Tucker: The Man and His Dream (1988)

PG | 111 mins | Biography, Comedy-drama | 1988

Producers:

Fred Roos, Fred Fuchs

Cinematographer:

Vittorio Storaro

Editor:

Priscilla Nedd

Production Designer:

Dean Tavoularis

Production Companies:

Lucasfilm Ltd., Zoetrope Studios
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HISTORY


       As announced in a 27 Aug 1979 DV article, director Francis Ford Coppola and Orion Pictures negotiated an “open-ended, nonexclusive pact” one week after the U.S. release of Coppola’s Apocalypse Now (1979, see entry), and Tucker: The Man and His Dream, a project Coppola had been formally developing since 1975, was expected to be distributed by Orion as part of the deal. DV noted that Coppola held meetings with actor Burt Reynolds in Jul 1979 to cast him in the role of “Preston Tucker.” Executives from United Artists who worked on Apocalypse Now left the studio to create Orion, and they contracted with Coppola to distribute “a program” of productions from Coppola’s independent studio, American Zoetrope. Orion stipulated that its financing of Coppola’s films would be shared with Zoetrope and the pictures would be released in the U.S. and Canada through a partnership with Warner Bros. Inc. Zoetrope and Orion retained rights to foreign distribution. According to an Orion representative, the studio had discussed a partnership with Coppola ever since the team of executives split from United Artists in Jan 1978, but the deal took over a year to materialize. Orion was given “first refusal” rights on all Zoetrope projects. However, after Zoetrope’s One from the Heart (1982, see entry) left Coppola bankrupt and Orion’s handling of Coppola’s The Cotton Club (1984, see entry) spurred conflict between the filmmakers, Tucker: The Man and His Dream did not become slated as an Orion release. A 27 Jan 1990 Sun Sentinel article noted that when ... More Less


       As announced in a 27 Aug 1979 DV article, director Francis Ford Coppola and Orion Pictures negotiated an “open-ended, nonexclusive pact” one week after the U.S. release of Coppola’s Apocalypse Now (1979, see entry), and Tucker: The Man and His Dream, a project Coppola had been formally developing since 1975, was expected to be distributed by Orion as part of the deal. DV noted that Coppola held meetings with actor Burt Reynolds in Jul 1979 to cast him in the role of “Preston Tucker.” Executives from United Artists who worked on Apocalypse Now left the studio to create Orion, and they contracted with Coppola to distribute “a program” of productions from Coppola’s independent studio, American Zoetrope. Orion stipulated that its financing of Coppola’s films would be shared with Zoetrope and the pictures would be released in the U.S. and Canada through a partnership with Warner Bros. Inc. Zoetrope and Orion retained rights to foreign distribution. According to an Orion representative, the studio had discussed a partnership with Coppola ever since the team of executives split from United Artists in Jan 1978, but the deal took over a year to materialize. Orion was given “first refusal” rights on all Zoetrope projects. However, after Zoetrope’s One from the Heart (1982, see entry) left Coppola bankrupt and Orion’s handling of Coppola’s The Cotton Club (1984, see entry) spurred conflict between the filmmakers, Tucker: The Man and His Dream did not become slated as an Orion release. A 27 Jan 1990 Sun Sentinel article noted that when Zoetrope filed for bankruptcy protection in 1990, Coppola owed Orion over $6 million.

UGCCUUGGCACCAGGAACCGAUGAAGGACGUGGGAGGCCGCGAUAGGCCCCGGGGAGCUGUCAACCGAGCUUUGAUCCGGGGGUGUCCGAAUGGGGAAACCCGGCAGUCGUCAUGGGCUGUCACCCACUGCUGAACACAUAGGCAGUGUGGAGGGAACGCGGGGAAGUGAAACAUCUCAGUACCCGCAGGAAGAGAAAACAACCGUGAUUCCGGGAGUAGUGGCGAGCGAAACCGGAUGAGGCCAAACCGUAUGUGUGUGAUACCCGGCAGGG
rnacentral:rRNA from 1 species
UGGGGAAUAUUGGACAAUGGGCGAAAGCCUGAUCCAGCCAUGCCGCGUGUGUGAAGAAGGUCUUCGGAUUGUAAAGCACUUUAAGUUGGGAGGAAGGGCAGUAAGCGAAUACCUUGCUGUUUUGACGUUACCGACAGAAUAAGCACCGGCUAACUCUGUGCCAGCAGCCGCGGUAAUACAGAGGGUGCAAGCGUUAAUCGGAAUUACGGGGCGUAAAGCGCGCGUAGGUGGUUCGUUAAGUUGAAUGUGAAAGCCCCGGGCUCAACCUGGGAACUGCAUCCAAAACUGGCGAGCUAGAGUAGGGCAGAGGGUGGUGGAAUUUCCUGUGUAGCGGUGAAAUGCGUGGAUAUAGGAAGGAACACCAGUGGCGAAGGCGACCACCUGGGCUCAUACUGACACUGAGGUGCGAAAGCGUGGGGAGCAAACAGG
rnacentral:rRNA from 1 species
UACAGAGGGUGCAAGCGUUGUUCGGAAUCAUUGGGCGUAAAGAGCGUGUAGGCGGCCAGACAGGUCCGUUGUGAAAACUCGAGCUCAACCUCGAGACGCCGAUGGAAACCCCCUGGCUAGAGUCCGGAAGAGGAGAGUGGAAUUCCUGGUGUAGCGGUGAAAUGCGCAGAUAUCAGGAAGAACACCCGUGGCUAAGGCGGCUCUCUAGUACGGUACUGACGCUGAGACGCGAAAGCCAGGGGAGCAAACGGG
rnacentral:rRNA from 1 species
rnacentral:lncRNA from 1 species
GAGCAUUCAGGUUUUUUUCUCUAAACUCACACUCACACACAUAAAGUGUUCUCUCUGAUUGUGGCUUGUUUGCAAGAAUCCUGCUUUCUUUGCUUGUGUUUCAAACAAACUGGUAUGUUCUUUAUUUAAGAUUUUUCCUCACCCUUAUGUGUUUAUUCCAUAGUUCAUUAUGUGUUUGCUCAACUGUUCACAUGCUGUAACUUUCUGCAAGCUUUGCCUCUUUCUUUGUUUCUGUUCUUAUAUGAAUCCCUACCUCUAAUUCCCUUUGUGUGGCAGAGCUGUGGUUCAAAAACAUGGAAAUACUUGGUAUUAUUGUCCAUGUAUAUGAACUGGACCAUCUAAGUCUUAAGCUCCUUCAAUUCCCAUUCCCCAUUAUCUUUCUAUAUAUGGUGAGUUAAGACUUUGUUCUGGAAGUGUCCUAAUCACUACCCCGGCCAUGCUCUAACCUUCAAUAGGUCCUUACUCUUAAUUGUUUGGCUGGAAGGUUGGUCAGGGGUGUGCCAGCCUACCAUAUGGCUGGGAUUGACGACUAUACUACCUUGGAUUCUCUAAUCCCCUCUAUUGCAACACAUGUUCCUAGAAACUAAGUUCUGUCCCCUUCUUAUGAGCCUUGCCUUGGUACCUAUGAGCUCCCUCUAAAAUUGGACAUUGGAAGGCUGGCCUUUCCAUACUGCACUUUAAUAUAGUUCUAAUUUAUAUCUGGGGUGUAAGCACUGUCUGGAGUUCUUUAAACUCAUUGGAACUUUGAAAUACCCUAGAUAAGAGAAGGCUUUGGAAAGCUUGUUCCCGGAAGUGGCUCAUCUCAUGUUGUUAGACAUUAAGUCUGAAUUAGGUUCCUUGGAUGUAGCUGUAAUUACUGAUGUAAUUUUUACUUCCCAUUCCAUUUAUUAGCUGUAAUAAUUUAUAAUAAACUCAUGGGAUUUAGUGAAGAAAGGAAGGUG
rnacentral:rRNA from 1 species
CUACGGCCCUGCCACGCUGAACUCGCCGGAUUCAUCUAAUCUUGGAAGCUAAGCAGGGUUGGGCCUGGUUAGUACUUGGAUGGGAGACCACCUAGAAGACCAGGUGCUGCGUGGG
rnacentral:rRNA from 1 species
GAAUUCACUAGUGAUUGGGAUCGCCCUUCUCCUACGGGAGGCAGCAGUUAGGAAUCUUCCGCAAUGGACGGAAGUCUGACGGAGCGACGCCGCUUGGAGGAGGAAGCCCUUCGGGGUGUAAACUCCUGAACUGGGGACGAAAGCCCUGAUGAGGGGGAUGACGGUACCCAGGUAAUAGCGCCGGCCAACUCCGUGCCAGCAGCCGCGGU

According to a Aug 1988 edition of Premiere, Coppola was first introduced to Preston Tucker’s “Tucker Torpedo” at a 1947 “The Car of Tomorrow” exhibition in New York City, NY, which he attended with his father, Carmine Coppola, as an eight year-old boy. Carmine was so impressed by Tucker’s promise to create an affordable car for all Americans that he invested $5,000 in the inventor’s new company and ordered the vehicle for his family. Young Francis was devastated to learn from his father that the automobile industry prevented the Tucker from being manufactured. Later, as an undergraduate at Hofstra University on Long Island, NY, Coppola started to research Tucker’s story at the New York Public Library with the intention of writing a tragic play that, according to the filmmaker, “started when Tucker announced his car and ended when he died, a broken man.”
       However, as Coppola began his film career in Los Angeles, CA, working on B-movie scripts for producer Roger Corman, he became distracted from the project. After moving to Northern California at the end of the 1960s and unexpectedly encountering a Tucker at a “museum of mechanical wonders,” Coppola re-envisioned the story as an homage to Frank Capra, evoking the American Dream. When Coppola met with Capra to discuss the project, the famed filmmaker reportedly told him that it was impossible to “make a Capra movie about a guy who fails” and questioned Coppola’s faith in the “American system.” Coppola then scripted the story as a musical and hired Leonard Bernstein, Betty Comden and Adolph Green to write the score. This version was shelved while Coppola pursued other projects, including Apocalypse Now and One from the Heart, that precipitated both his success and his bankruptcy.